Just be-r-n rsceive-d.
England positively refuted to consider a
proposition looking lo ruch an ngre-ement
until this Government published upon the
monthly pilot charts the location of a num
ber of derelicts near the Irish coast Just in
tbe path ot ocean commerce. This chart
is supposed to have had good effect. G.
W. Rouzcr, in New York Herald.
When the population of Duluth reaches
the 100,000 mark, Maj, Baldwin, ex-Congressman
from the Sixth Minnesota dis
trict and present chairman ot the Chip
pewa Indian commission, is to open a
According to tbe major, he was present
ed some years ago with a quart bottle of
the best Kentucky whisky by Gen. Hardin,
ot that State. It will be recalled that Har
din is the Democratic candidate for gov
ernor this year. Gen. Hardin has become
politically notorious because ot tbe posi
tion he has taken before nnd since he ac
cepted his nomination. He heads the Dem
ocratic State ticket in Kentucky, but docs
not profess, and will not accept, the plat
form ndoptedat its convention. The cur
rency plank in-lthis platform does not suit
him. It is for this reason that he and the
Democratic platform and a good many
Democrats in Kentucky are widenpart.
Gen. Hardin's' candidacy, however, has
very little to do with the bottle of whisky
that he presented to Maj. Baldwin. The
ex-Duluth Congressman is a little cautious
in explaining Just why it was that he ac
cepted tbis present from Gen. Hardin, and
Just why he made the pledge that he did.
The great increase In the population of
Duluth within the past five years Is a ve-ry
satisfactory thing to Maj. Baldwin. He
owns considerable real estate In the Zenith
City, and tbe alleged 00,000 population Is
more than gratifying to him for this reason.
It was some years ago probably that he
was sanguine enough to assert to Gen.
Hardin that Duluth "some time In the future
would have 100,000 residents.
A Minneapolis man asked him when he
expected to open ft. The major-replied:
"Of course, I am rot certain, jjut I an
ticipate that the- bottle will be uncorked
within tbe next ten-years.-"
Tbe Minneapolis'' man did not agree
with tbe ex-Congressman that within the
next ten years tbe Zenith City would have..
loo.tHrtj, nop witnin ine next fifty. He
"This whisky will be-old enough when
Duluth reaches the 100,000 population
mark to make every man. woman and child
in tbe town dead drunk."
The Dumtn boomer smiled serenely at the
Minneapolis man's statement, but did nut
deny the fact that Gen. Hardin's present,!
.would-be very out before be uncorked Jt, if
line kept hisTiledse. T.lS.Yan Antwerp, In
Minneapolis Journal. -
STAILET'S SHAKE CAREER
How le las hie Fran Wrtkise 1
Characteristics of tho Man Who Has
Won Fame In Many Fields and
a Name Everywhere.
Henry M. Stanley has at last won a teat
in tbe English House of Commons. In ail
tbe Parliament their will be no man with
a career so picturesque and so checkered.
In all the world to-day there is not Stan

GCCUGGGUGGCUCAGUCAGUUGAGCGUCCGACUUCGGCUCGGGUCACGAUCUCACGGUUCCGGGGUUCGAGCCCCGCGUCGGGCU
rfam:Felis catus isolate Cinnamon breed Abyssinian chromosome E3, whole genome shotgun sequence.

ley's counterpart as an adventurer.. Born
In Wales, brought up In a wwkhouse, emi
grating to America while In his teens, a
cabin boy on tbe Uicsisslppl, a pnvate In
the Confederate army, an ensign in the
rederal navy, a reporter in Omaha, the
finder of Livingstone, the rescuer of Emin
Pasha, a bride-groom In Westminster
Abbey, honored by the greatest of Great
Britain's institutions, mobbed in tbe city
whose "freedom" had been impressively
presented to bini, he fiLally lands in the
House of Commons, with a greater range of
experiences than ever fell lo the lot of
any other man of the age.
Before being permitted to stand as a can
didate, he had to become a naturalized f ub
ject of the Queen, Tor it was held that he
had lost his citizenship in his native country
by terving in tbe American civil war. As
be served on both sides In the -war betn cen
the States, It is col certain whether It was
as a Confederate or a Federal be became
tor a time an American. .
Stanley's election to Parliament is the
realization of his ambition of the period of
cakes and ale. He represents North Lam
beth. A clever writc-r says that he has had
his eye on Parliament ever since bis
marriage with Mini Dorothy Tennant. That
carried him into the most powerful "set"
In England tbe brilliant, cynical, but
most practical group, of which Balfour
is the exemplar.
His slslcr-iu-law, the heroine of the
"Dodo" book, ! the wlfeotHerbrtAsquitb,
the retiring Liberal home- secretary; Ihe
Term ant family Is rep resented among victors
as we'l as among vanquished. For, of
course, Stanley is a Conservative.
That Is one advantage oT consistent Amer
ican training, that it iu-iires the true
partiot with a most profound respect for
tbe old" families ot England. We have
contributed ere this to the Conservative
side of the" House of Commons. Louis Jen
nings, after a long career as editor of the
New York Times, drifted to England and
"suffered the inevitable change. The most
determined, furious, talkative Torj more
Tory than the Howards or theragets In the
House of Commons is that product of
Brooklyn civilization. Sir Ellis Ashmead
Bartlelt, brother of the young man whixn
Lady Burdett-Coutts took to her venerable
bosom not, however, after tbe generous
manner of lbe lady in Gil Bias.
His voice Sir Ellis' Brooklyn voice is
for colonial aggression, for the extension of
the imiierial government, for war with Rus
sia at Cabjl, with France on the Congo, with
anybody anywhere who disputes or intends
lo dLspatc the sentiment that a Brltonnever,
never, net or Is n slave. James O'Kelly is the
exception in tbe rosterof expatriatedAmcr
ieans in English politics. O'Kelly. like